The upcoming November-through-April six-month period has historically been a strong one for the S&P 500 Index, rising 6.6% on average since 1994, according CFRA Research, ahead of the 4.1% average in all six-month periods. However, the Industrials and Materials sectors have outperformed even these lofty results on a consistent basis, regardless if one took a market-cap-weighted or an equally weighted approach. And while both a cap-weighted sector index ETF and an equal-weighted sector index ETF own the same securities, there are crucial differences that a savvy investor would seek to understand.
According to Sam Stovall, chief investment strategist at CFRA, the S&P 500 Materials sector advanced 9.3% on average during the seasonally strong six-month period ended April and outperformed the broader S&P 500 Index 69% of the time. Stovall further noted that the S&P 500 Industrials sector climbed 9.1% and outperformed 62% of the time.
As impressive as this historical data is, the equal-weighted S&P 500 Materials and Industrials sectors rose 10.7% and 11.1% on average, while beating the broader index 75% and 69% of the time.
The stocks inside these sectors are the same whether one tracks the cap-weighted or the equal-weighted index, but security and sub-industry weighting differences play a meaningful role in the performance of any related ETFs and thus warrant scrutiny.
The $10 billion Industrials Select Sector SPDR (XLI) tracks the market-cap weighted S&P 500 Industrials sector. The top-10 holdings recently comprised 45% of assets, with Boeing a 9% weighting alone. At the sub-industry level, Aerospace & Defense companies represented 29% of assets, with Lockheed Martin and Northrop Grumman other major positions in the sub-industry. XLI has a 0.14% expense ratio.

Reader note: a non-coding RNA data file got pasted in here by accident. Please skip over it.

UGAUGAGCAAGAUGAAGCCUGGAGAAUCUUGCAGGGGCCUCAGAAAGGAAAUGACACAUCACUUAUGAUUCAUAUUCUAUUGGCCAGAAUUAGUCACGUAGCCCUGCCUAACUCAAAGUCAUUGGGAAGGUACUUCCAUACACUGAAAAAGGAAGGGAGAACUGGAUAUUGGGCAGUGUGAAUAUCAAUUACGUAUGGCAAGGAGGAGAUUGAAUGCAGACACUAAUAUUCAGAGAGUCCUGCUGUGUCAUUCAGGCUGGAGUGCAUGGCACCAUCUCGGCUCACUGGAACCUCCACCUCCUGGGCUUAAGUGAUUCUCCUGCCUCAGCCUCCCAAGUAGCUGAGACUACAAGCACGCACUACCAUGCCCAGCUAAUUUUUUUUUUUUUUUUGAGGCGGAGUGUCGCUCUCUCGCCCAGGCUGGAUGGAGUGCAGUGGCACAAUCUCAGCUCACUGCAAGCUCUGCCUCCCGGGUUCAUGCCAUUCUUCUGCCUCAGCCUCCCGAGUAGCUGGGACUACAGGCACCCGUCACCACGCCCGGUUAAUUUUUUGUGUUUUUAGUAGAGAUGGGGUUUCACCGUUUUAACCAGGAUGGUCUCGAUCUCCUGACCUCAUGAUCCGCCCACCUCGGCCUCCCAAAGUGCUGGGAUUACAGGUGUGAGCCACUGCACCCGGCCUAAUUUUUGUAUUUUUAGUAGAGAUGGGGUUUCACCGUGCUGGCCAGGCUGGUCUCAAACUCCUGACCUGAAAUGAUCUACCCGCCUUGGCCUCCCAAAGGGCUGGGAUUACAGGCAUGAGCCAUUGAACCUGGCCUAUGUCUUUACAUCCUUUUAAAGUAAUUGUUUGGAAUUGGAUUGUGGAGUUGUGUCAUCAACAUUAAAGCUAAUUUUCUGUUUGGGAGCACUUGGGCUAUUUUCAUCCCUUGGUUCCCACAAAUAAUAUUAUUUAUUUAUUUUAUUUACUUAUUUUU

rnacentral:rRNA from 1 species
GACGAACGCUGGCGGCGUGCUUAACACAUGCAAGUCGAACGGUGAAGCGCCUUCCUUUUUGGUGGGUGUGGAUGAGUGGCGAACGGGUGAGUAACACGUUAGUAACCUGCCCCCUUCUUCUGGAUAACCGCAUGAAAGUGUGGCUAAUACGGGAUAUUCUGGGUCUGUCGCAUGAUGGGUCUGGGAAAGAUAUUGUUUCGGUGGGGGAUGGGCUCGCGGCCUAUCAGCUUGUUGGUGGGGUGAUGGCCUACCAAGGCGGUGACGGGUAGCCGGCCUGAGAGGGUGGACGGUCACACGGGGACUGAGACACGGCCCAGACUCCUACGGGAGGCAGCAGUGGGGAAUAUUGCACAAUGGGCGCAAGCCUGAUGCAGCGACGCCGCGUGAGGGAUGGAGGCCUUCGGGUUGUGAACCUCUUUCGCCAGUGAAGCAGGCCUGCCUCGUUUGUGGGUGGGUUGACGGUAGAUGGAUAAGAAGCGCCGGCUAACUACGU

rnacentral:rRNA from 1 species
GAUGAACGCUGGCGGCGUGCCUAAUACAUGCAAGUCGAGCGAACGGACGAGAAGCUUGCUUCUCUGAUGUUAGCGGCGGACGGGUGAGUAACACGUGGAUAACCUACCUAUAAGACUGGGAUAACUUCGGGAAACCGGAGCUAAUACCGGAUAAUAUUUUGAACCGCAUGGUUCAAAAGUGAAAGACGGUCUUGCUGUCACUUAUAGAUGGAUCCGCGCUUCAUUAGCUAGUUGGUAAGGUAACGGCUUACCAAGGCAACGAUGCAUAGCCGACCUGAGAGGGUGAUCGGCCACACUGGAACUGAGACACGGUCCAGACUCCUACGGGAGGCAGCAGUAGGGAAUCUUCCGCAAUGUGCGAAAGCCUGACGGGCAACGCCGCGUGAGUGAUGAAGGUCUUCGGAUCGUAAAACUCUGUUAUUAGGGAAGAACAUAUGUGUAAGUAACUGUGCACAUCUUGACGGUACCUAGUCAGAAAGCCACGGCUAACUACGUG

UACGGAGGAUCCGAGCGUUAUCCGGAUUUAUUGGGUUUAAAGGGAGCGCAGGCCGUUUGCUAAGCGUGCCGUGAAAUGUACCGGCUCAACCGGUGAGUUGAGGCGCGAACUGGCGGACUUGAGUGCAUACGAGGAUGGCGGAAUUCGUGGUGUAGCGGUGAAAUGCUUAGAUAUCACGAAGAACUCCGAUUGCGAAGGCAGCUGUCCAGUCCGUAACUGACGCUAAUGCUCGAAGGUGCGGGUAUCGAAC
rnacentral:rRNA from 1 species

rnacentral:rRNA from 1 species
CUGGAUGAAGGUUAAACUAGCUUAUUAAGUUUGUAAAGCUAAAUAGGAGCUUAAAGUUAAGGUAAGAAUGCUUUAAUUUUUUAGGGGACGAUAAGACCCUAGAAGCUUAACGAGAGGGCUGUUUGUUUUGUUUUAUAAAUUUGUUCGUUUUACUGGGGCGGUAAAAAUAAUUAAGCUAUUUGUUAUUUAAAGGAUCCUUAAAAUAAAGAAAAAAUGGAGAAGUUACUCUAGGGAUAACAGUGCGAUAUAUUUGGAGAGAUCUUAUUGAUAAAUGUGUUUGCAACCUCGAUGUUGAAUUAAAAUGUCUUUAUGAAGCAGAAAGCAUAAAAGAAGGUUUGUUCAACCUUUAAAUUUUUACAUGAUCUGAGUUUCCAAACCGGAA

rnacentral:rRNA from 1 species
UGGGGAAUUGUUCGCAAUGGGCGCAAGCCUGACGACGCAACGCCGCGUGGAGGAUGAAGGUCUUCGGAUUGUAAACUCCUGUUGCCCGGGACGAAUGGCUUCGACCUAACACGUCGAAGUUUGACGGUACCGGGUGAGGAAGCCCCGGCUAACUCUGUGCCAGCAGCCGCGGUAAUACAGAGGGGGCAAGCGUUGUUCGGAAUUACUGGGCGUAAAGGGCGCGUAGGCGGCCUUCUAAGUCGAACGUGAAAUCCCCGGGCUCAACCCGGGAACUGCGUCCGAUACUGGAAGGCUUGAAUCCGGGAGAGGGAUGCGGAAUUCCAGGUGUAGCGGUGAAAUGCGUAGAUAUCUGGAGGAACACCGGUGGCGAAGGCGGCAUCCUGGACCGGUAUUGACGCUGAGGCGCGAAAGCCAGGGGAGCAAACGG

Invesco S&P 500 Equal Weight Industrials Portfolio (RGI), which has $320 million in assets, tracks the equal-weighted S&P 500 Industrials sector. All 71 securities represent a nearly similar 1%-2% weighting, including BA and other Aerospace & Defense companies (17% of assets).
Meanwhile, the stake in Industrial Machinery companies for RGI (15%) was higher than what investors receive in XLI (9%). Securities in this sub-industry viewed as attractively valued to CFRA include Ingersoll Rand and Parker Hannifin. RGI has a 0.40% expense ratio.
Looking to Materials, the $3.4 billion Materials Select Sector SPDR (XLB) is the largest diversified ETF for the Materials sector and holds S&P 500 constituents in a market-cap manner. Specialty Chemicals companies (32% of assets), including 7%-plus positions in DuPont de Nemours and Ecolab, were widely held, followed by Industrials Gases companies, such as a 16% stake in Linde. XLB, like XLI charges a 0.13% expense ratio.
In contrast, Invesco S&P 500 Equal Weight Materials (RTM) has a 0.40% expense ratio but is more diversified at the security and sub-industry level. The largest positions, which include LIN, were less than 4% of assets, and Specialty Chemicals were just 25%. Paper Packaging (21%) was the second-largest sub-industry aided by stakes in companies like WestRock.
Stovall explains that like white water rafting, sometimes it’s best to let the market take you where it wants to go. History shows that investing in cyclical sectors from November through April has been rewarding. Just make sure you know what you own.
Todd Rosenbluth is the director of ETF and mutual fund research at CFRA. Learn more about CFRA's ETF research here.